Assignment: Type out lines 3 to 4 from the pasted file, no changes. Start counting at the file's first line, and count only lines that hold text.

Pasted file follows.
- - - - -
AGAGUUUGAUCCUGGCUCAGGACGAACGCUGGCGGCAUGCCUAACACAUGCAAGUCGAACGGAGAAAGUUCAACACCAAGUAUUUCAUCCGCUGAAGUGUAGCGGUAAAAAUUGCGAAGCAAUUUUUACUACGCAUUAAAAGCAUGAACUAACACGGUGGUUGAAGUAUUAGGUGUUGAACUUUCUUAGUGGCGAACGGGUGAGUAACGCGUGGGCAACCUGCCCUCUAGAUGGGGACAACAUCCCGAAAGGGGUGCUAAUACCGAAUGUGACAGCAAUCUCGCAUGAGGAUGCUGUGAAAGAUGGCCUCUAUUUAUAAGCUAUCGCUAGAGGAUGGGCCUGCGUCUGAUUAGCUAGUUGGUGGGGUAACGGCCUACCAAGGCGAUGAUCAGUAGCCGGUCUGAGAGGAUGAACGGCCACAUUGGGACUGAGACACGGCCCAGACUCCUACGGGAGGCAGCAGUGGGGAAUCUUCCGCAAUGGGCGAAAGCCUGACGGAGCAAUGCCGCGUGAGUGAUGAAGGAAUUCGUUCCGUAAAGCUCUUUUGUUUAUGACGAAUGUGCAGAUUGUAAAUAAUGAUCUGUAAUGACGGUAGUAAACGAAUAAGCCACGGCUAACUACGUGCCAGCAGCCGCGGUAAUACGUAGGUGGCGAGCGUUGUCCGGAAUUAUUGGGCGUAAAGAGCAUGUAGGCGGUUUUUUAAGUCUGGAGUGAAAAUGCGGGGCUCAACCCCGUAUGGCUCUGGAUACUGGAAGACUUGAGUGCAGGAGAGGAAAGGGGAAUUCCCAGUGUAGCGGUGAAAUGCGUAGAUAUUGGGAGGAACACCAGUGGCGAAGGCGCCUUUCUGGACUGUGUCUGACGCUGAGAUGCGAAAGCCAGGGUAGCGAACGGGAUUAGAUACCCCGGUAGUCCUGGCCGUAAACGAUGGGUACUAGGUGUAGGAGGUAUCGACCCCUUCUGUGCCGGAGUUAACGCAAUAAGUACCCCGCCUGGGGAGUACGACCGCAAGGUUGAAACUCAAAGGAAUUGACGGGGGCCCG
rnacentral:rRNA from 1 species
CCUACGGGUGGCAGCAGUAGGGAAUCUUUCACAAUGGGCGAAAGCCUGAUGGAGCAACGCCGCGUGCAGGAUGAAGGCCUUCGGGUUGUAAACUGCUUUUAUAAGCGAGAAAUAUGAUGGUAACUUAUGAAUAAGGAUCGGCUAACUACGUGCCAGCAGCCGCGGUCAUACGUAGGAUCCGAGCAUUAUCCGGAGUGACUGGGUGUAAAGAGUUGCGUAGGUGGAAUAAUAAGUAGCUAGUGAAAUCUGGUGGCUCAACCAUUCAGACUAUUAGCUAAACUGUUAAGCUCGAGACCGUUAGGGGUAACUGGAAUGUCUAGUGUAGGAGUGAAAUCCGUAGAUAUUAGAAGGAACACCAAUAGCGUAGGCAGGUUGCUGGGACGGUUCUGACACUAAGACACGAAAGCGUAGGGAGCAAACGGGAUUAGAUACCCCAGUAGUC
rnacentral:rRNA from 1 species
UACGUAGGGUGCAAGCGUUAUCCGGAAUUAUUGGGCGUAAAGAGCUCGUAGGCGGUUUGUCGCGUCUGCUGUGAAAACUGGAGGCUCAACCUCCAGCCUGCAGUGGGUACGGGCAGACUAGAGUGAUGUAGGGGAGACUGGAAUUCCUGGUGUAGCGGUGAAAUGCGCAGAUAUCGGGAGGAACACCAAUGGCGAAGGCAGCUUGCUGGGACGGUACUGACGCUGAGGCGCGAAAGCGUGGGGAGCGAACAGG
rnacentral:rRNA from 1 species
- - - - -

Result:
CCUACGGGUGGCAGCAGUAGGGAAUCUUUCACAAUGGGCGAAAGCCUGAUGGAGCAACGCCGCGUGCAGGAUGAAGGCCUUCGGGUUGUAAACUGCUUUUAUAAGCGAGAAAUAUGAUGGUAACUUAUGAAUAAGGAUCGGCUAACUACGUGCCAGCAGCCGCGGUCAUACGUAGGAUCCGAGCAUUAUCCGGAGUGACUGGGUGUAAAGAGUUGCGUAGGUGGAAUAAUAAGUAGCUAGUGAAAUCUGGUGGCUCAACCAUUCAGACUAUUAGCUAAACUGUUAAGCUCGAGACCGUUAGGGGUAACUGGAAUGUCUAGUGUAGGAGUGAAAUCCGUAGAUAUUAGAAGGAACACCAAUAGCGUAGGCAGGUUGCUGGGACGGUUCUGACACUAAGACACGAAAGCGUAGGGAGCAAACGGGAUUAGAUACCCCAGUAGUC
rnacentral:rRNA from 1 species